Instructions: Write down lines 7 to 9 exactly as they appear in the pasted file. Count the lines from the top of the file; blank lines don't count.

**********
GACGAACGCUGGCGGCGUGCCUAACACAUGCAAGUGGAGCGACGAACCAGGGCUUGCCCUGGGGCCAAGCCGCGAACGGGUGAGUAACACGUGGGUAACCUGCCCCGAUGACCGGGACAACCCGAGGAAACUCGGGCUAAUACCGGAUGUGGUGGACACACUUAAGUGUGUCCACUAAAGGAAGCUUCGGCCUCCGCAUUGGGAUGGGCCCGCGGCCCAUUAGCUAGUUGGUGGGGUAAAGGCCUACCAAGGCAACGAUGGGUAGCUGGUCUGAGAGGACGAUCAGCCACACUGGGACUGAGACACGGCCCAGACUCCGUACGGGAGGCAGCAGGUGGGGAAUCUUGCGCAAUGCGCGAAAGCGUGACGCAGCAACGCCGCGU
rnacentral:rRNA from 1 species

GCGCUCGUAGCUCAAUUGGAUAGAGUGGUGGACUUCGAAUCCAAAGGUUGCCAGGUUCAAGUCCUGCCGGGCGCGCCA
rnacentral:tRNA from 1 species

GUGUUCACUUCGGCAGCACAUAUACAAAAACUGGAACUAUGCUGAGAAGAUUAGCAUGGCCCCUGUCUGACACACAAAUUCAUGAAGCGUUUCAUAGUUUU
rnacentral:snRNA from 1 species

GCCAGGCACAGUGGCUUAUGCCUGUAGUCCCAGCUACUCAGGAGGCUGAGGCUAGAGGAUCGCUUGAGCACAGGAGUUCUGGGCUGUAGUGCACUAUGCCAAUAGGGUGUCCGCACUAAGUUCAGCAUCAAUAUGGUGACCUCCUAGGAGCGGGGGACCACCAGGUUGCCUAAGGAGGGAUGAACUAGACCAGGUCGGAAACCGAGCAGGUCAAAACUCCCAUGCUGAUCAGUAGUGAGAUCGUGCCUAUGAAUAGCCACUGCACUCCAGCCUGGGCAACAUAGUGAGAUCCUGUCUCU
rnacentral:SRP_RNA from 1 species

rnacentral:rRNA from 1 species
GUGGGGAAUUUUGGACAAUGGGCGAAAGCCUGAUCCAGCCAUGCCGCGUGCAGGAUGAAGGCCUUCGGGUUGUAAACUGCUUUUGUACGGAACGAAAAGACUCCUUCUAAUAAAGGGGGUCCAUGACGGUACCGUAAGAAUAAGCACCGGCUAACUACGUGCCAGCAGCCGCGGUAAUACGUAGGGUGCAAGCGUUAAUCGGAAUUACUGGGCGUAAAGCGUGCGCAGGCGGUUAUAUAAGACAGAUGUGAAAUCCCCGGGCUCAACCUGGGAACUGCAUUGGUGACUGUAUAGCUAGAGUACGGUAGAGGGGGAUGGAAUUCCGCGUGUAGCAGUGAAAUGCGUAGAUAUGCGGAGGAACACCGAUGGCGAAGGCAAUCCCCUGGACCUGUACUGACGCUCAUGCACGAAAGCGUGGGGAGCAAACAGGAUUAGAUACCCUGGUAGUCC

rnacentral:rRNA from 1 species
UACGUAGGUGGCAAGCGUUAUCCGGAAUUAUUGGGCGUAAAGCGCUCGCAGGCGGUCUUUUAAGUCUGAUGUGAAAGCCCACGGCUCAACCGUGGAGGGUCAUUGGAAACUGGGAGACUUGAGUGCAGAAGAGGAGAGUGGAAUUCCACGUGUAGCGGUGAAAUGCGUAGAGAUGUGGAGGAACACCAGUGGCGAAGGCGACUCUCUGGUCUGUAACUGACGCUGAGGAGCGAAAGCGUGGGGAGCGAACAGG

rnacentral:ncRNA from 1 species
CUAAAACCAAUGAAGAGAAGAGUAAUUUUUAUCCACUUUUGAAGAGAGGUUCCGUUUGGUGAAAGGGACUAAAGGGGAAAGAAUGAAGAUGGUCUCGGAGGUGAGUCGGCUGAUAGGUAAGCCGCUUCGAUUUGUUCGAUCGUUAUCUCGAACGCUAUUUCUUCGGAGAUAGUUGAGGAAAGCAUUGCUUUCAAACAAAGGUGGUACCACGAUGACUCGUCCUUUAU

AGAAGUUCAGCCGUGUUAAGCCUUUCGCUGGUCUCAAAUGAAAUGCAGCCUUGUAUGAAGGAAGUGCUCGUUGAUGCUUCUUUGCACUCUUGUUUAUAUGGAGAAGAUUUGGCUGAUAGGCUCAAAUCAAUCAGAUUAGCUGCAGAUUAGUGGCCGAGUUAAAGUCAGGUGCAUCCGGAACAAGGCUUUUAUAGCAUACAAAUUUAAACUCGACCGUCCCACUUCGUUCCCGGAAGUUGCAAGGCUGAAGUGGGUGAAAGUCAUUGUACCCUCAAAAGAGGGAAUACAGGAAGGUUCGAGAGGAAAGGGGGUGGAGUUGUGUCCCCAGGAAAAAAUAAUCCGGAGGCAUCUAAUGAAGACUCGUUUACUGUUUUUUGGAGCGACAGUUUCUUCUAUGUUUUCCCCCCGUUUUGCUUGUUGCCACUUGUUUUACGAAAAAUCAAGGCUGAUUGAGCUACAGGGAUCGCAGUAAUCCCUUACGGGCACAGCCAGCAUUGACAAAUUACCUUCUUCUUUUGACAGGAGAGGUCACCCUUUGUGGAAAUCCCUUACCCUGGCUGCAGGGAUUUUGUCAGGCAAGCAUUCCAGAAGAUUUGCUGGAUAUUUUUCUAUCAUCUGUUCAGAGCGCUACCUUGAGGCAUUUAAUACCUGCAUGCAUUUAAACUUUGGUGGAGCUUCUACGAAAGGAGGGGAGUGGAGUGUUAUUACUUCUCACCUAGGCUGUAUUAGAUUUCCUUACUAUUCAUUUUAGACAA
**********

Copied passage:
GCCAGGCACAGUGGCUUAUGCCUGUAGUCCCAGCUACUCAGGAGGCUGAGGCUAGAGGAUCGCUUGAGCACAGGAGUUCUGGGCUGUAGUGCACUAUGCCAAUAGGGUGUCCGCACUAAGUUCAGCAUCAAUAUGGUGACCUCCUAGGAGCGGGGGACCACCAGGUUGCCUAAGGAGGGAUGAACUAGACCAGGUCGGAAACCGAGCAGGUCAAAACUCCCAUGCUGAUCAGUAGUGAGAUCGUGCCUAUGAAUAGCCACUGCACUCCAGCCUGGGCAACAUAGUGAGAUCCUGUCUCU
rnacentral:SRP_RNA from 1 species

rnacentral:rRNA from 1 species